William Harry Evans
|William Harry Evans|
22 July 1876|
13 November 1956 (aged 80)|
|Alma mater||King's School, Canterbury|
|Known for||Lycaenidae, Hesperiidae of South Asia|
Brigadier William Harry Evans C.S.I., C.I.E., D.S.O. (born 22 July 1876 in Shillong – died 13 November 1956, Church Whitfield ) was a lepidopterist and army officer who worked in India. He documented the butterfly fauna of India, Burma and Ceylon in a series of articles in the Journal of the Bombay Natural History Society. Brigadier Evans was especially interested in the taxonomy and systematics of the butterfly families Lycaenidae and Hesperiidae an example being his A revision of the Arhopala group of Oriental Lycaenidae (Lepidoptera: Rhopalocera) Bull. British Mus. (Nat. Hist.), Ent., vol. 5: pp. 85–141 (1957).
Life and work
Evans was the third son of Sir Horace Moule Evans and Elizabeth Anne, daughter of Surgeon General J. T. Tressider. His mother kindled an interest in nature and, when he was sent to King's School, Canterbury, he was already interested in butterflies and moths. He joined the army at the age of 18 and was posted with the Royal Engineers. In 1898 he began collecting butterflies in Chitral. He was sent on duty with the Somaliland Expedition (1902–04), and he injured his knee. He served in France from 1914 to 1918 and was awarded the D.S.O. and a brevet. Exposure to poison gas, however, caused him permanent chest problems. He returned to India in 1919 with his final post in the Western Command at Quetta as a Chief Engineer.
He retired in 1931 and travelled to London via Australia. His home was close to the Natural History Museum and he continued to work on Military service and was attached with the Non-Intervention Committee during the Spanish Civil War and later took up work as an Air Raid Warden. He was at a window in the Natural History Museum, facing South on to Cromwell Road when a German V1 flying bomb burst on the road 100 yards (91 m) away. He was injured and his hearing was permanently impaired.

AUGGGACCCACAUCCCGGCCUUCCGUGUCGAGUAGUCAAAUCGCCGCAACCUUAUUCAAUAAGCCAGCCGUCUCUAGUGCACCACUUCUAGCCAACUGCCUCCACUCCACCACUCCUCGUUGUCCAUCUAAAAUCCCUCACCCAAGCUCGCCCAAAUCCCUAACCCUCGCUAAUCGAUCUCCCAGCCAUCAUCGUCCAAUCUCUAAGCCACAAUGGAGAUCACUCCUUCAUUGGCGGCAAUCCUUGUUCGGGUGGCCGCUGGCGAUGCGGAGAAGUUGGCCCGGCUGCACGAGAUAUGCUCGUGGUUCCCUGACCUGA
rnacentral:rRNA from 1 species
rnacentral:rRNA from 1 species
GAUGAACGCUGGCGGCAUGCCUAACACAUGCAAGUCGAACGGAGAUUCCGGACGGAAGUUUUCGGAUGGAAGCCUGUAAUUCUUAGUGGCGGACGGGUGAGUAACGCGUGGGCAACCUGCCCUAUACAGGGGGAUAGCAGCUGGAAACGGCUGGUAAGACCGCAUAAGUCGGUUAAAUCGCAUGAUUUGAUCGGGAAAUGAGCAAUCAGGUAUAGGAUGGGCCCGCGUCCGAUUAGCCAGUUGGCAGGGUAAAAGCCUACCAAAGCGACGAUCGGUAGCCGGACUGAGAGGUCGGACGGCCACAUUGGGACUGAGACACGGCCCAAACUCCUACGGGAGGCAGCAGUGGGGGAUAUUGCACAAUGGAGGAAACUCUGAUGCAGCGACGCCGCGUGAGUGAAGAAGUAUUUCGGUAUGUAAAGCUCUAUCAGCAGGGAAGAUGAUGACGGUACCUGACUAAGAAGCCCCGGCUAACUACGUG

His wife lived in Bournemouth during the air raids (and died there in 1945). Evans, however, stayed in London to complete his Revision of the Hesperiidae of the world, as he stated "before he died".
Evans collected butterflies throughout his career in India and was very knowledgeable on distribution patterns. His favourite collection areas included Kodaikanal, Jabalpur, Simla, Murree, Darjeeling, Chitral and Baluchistan. He travelled to Australia to collect the endemic subfamily Trapezitinae. He did not set and preserve specimens in cabinets and preferred paper covers.
From 1923 he published keys to the identification of Indian butterflies in the Journal of the Bombay Natural History Society. Evans examined over half a million specimens of Hesperiidae in the museum.
His only son, Dr. J. W. Evans, continued in Entomology as a Director of the Australian Museum, Sydney. His collection is in the Natural History Museum, London.
- 1937. A Catalogue of the African Hesperiidae. British Museum (Natural History), London.
- 1949. A Catalogue of the Hesperiidae From Europe, Asia, and Australia in the British Museum (Natural History).
- 1951. A Catalogue of the American Hesperiidae Indicating the Classification and Nomenclature Adopted in the British Museum (Natural History). Part I. Pyrrhophyginae. British Museum, London.
- 1952. A Catalogue of the American Hesperiidae Indicating the Classification and Nomenclature Adopted in the British Museum (Natural History). Part II. Pyrginae. Section I. British Museum, London.
- 1953. A Catalogue of the American Hesperiidae Indicating the Classification and Nomenclature Adopted in the British Museum (Natural History). Part III. Pyrginae. Section II. British Museum, London.
- 1955. A Catalogue of the American Hesperiidae Indicating the Classification and Nomenclature Adopted in the British Museum (Natural History). Part IV. Hesperiinae and Megathyminae. British Museum, London.
- 1932. The Identification of Indian Butterflies.